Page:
Surgical site infection is a type of healthcare-associated infection in which a wound infection occurs after an invasive (surgical) procedure. Other types of healthcare-associated infections that mainly affect surgical patients are postoperative respiratory and urinary tract infections, bacteraemias (including methicillin-resistant Staphylococcus aureus infections and intravascular cannula infections) and antibiotic-related diarrhoeas (particularly Clostridium difficile enteritis). Surgical site infections have been shown to compose up to 20% of all healthcare-associated infections. At least 5% of patients undergoing a surgical procedure develop a surgical site infection.

A surgical site infection may range from a spontaneously limited wound discharge within 7 to 10 days of an operation to a life-threatening postoperative complication, such as a sternal infection after open heart surgery. Most surgical site infections are caused by contamination of an incision with microorganisms from the patient's own body during surgery. Infection caused by microorganisms from an outside source following surgery is less common. Most surgical site infections are preventable. Measures can be taken in the pre-, intra- and postoperative phases of care to reduce the risk of infection.

Surgical site infections can have a significant effect on quality of life for the patient. They are associated with considerable morbidity and extended hospital stay. In addition, surgical site infections result in a considerable financial burden to healthcare providers. Advances in surgery and anaesthesia have resulted in patients who are at greater risk of surgical site infections being considered for surgery. In addition, increased numbers of infections are now being seen in primary care because patients are allowed home earlier following day case and fast-track surgery.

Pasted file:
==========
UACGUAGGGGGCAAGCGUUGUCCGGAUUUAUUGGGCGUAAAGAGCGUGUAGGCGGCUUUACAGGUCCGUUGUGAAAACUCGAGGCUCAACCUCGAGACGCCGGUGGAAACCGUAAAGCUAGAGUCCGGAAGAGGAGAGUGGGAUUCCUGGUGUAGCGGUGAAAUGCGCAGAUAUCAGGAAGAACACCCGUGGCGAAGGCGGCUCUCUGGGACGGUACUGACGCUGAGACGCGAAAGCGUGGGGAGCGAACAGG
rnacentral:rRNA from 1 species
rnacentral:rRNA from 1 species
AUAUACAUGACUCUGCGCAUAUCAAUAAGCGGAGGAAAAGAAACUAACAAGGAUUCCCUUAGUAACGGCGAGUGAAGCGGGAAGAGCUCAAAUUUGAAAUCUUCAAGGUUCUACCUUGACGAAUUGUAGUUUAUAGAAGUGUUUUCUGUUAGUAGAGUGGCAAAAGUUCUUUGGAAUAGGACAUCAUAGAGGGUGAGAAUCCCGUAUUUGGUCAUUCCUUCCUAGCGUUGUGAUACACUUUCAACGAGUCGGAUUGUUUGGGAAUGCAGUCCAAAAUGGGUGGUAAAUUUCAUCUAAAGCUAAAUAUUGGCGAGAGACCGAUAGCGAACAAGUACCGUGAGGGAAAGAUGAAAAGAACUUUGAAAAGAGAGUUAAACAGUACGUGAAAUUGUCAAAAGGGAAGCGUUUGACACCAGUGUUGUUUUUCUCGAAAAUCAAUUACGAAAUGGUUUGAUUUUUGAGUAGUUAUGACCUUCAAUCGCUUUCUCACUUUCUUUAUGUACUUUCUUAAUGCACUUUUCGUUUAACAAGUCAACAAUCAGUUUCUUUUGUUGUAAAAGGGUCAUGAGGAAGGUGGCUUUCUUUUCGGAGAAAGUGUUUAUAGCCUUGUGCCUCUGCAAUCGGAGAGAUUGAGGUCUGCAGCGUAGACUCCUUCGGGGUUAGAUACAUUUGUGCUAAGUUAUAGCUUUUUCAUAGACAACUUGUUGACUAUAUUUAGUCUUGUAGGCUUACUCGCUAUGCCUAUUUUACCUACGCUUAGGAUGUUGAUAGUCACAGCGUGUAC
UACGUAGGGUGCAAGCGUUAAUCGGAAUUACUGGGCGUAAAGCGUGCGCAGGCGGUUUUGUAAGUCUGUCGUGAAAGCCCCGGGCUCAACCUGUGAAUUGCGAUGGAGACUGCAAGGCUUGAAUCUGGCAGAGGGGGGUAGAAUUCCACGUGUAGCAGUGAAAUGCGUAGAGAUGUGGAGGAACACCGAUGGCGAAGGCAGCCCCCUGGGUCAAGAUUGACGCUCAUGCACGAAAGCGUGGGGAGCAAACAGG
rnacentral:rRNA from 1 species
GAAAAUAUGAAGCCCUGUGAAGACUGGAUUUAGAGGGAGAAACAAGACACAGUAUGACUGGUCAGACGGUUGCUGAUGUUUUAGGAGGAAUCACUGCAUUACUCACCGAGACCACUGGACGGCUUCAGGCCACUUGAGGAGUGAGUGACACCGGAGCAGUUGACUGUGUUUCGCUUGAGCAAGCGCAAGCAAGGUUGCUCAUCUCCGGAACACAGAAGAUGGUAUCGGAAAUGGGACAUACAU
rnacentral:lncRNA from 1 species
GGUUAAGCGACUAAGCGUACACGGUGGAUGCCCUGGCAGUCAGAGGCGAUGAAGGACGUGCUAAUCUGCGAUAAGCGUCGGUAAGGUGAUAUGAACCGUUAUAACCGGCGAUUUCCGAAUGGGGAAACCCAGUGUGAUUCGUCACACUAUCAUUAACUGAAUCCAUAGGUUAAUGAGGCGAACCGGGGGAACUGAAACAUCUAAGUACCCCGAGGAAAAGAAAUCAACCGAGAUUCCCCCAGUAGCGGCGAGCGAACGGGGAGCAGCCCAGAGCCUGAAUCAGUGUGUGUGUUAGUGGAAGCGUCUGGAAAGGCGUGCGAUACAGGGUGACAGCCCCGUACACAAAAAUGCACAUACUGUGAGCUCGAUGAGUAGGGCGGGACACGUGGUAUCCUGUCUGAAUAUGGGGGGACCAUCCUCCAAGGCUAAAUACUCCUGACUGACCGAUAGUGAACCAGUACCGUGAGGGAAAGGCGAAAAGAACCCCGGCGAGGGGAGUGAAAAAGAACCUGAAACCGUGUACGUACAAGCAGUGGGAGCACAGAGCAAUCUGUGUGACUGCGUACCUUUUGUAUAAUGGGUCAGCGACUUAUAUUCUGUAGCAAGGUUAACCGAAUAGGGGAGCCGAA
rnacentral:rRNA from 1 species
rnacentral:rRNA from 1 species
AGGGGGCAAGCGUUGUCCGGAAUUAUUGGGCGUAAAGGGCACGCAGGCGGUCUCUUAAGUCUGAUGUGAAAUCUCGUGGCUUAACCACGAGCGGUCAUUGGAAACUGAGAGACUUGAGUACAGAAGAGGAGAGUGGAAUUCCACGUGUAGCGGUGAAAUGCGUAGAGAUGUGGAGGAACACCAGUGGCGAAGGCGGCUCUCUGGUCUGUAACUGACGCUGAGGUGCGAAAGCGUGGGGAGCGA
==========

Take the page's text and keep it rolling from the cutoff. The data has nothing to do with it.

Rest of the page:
The guideline makes recommendations for prevention and management of surgical site infections based on rigorous evaluation of the best available published evidence.

The guideline will assume that prescribers will use a drug's summary of product characteristics to inform their decisions for individual patients. In addition, published identified characteristics of appropriate interactive dressings and antimicrobial products should be considered before use, and local formularies and guidelines based on local microbial resistance patterns should be used to inform choice of antibiotics.

In 2017, the NICE surveillance team reviewed the guideline and identified new evidence on nasal decolonisation, skin antiseptics, the use of antiseptics and antibiotics before wound closure, and closure methods. This evidence has been reviewed and the recommendations in these areas updated.

  • National Institute for Health and Care Excellence (NICE)